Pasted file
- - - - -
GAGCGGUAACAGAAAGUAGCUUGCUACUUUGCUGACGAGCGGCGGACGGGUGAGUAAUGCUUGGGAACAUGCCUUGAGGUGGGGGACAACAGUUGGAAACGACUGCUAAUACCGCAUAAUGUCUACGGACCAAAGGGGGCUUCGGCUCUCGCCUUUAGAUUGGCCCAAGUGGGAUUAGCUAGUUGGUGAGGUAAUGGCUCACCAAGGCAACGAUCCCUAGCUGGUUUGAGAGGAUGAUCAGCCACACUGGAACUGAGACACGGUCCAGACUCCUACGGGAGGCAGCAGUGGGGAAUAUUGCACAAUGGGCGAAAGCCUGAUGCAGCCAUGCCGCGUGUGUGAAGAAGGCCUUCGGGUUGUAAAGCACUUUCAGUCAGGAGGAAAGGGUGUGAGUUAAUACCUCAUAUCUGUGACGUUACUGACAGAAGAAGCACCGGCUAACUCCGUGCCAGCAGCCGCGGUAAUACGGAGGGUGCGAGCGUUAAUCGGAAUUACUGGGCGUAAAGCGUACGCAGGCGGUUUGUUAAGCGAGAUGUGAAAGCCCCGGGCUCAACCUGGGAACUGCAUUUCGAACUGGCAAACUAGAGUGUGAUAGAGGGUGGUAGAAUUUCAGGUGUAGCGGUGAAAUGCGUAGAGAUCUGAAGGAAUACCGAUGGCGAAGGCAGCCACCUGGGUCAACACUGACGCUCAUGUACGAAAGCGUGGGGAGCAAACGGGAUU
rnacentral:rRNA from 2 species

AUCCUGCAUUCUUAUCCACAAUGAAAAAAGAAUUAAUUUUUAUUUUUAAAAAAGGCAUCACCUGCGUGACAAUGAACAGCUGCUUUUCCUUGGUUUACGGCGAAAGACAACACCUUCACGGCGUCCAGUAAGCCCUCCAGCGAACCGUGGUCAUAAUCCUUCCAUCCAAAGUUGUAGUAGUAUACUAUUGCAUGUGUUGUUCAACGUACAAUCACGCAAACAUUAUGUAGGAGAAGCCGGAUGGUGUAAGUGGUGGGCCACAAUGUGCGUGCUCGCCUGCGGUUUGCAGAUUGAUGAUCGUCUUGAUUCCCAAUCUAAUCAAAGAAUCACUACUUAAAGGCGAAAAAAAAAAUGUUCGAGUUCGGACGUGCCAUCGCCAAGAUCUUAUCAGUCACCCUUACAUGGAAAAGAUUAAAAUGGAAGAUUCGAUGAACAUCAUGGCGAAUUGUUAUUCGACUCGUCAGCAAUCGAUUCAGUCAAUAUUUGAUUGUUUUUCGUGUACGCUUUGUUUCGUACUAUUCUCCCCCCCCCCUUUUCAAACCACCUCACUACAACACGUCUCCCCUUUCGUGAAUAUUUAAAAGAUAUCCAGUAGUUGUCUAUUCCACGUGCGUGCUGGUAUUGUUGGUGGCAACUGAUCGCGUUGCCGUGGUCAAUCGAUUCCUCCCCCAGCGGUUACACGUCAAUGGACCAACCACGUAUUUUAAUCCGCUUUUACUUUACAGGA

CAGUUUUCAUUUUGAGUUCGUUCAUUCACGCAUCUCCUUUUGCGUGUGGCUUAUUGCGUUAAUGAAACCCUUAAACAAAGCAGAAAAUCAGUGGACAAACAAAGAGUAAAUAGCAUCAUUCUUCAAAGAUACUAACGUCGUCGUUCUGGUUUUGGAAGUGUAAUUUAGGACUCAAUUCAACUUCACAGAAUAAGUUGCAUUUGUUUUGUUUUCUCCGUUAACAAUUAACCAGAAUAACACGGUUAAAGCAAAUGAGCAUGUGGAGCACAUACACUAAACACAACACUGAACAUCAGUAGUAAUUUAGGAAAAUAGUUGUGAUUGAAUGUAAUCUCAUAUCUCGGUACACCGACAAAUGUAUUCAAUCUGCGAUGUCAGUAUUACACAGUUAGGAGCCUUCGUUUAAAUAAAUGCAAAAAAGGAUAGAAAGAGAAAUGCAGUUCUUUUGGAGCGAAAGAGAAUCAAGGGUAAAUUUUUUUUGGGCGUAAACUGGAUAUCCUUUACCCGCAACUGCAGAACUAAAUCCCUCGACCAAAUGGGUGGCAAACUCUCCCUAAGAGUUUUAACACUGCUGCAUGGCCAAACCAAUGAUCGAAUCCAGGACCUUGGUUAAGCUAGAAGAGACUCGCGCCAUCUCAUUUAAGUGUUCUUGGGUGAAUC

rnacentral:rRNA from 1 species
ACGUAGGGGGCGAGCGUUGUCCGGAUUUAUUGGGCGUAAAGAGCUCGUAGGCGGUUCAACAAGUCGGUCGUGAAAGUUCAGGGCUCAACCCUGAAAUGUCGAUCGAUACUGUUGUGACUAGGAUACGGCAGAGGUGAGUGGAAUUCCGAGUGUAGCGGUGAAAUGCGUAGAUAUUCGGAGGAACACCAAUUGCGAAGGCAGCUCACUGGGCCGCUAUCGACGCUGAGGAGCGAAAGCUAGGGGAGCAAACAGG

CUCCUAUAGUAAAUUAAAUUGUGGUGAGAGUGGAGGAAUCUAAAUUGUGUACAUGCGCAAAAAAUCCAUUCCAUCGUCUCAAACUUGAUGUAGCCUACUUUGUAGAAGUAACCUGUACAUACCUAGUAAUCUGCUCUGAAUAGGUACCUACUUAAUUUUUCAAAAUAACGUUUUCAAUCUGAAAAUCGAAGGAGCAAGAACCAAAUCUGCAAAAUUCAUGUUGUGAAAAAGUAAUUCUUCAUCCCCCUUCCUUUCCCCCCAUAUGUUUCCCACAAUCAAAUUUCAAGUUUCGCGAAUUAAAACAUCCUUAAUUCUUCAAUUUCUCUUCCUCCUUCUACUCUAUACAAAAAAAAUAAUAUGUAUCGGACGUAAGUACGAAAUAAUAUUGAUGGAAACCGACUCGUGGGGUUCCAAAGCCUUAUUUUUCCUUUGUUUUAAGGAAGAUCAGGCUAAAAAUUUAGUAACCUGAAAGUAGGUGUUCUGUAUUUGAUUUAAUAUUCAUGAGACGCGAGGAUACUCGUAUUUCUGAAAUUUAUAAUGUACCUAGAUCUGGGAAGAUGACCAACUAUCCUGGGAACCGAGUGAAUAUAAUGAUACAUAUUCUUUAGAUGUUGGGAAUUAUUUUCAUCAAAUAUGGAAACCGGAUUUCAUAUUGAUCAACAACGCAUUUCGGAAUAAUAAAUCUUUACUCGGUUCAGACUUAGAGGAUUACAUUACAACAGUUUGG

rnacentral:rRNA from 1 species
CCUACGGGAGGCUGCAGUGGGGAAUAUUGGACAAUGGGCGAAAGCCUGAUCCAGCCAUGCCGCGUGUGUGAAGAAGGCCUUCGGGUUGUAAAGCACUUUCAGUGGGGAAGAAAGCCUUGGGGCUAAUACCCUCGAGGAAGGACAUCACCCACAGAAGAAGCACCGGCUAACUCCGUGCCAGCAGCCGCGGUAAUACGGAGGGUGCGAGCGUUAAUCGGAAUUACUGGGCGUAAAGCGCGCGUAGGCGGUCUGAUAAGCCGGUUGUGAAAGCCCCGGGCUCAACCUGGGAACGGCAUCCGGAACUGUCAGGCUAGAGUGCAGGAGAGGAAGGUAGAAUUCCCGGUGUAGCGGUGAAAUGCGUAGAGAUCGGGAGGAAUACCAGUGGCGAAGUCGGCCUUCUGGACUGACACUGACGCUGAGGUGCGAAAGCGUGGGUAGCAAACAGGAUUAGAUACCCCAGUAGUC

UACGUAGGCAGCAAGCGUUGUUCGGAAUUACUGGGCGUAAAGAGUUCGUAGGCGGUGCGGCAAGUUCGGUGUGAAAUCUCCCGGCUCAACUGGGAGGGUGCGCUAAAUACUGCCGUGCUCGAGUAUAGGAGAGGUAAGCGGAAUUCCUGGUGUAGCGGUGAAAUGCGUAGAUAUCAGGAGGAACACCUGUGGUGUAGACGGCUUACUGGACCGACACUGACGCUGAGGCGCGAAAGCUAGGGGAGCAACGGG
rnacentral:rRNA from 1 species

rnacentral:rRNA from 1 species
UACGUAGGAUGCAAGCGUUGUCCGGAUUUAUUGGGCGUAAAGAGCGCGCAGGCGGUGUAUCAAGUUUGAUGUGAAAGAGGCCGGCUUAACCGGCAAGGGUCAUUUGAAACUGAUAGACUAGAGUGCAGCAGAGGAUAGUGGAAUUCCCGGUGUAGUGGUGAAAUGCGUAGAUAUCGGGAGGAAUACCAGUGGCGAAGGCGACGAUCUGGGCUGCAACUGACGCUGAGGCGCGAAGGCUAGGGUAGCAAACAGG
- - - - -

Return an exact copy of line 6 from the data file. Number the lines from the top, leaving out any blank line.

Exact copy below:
ACGUAGGGGGCGAGCGUUGUCCGGAUUUAUUGGGCGUAAAGAGCUCGUAGGCGGUUCAACAAGUCGGUCGUGAAAGUUCAGGGCUCAACCCUGAAAUGUCGAUCGAUACUGUUGUGACUAGGAUACGGCAGAGGUGAGUGGAAUUCCGAGUGUAGCGGUGAAAUGCGUAGAUAUUCGGAGGAACACCAAUUGCGAAGGCAGCUCACUGGGCCGCUAUCGACGCUGAGGAGCGAAAGCUAGGGGAGCAAACAGG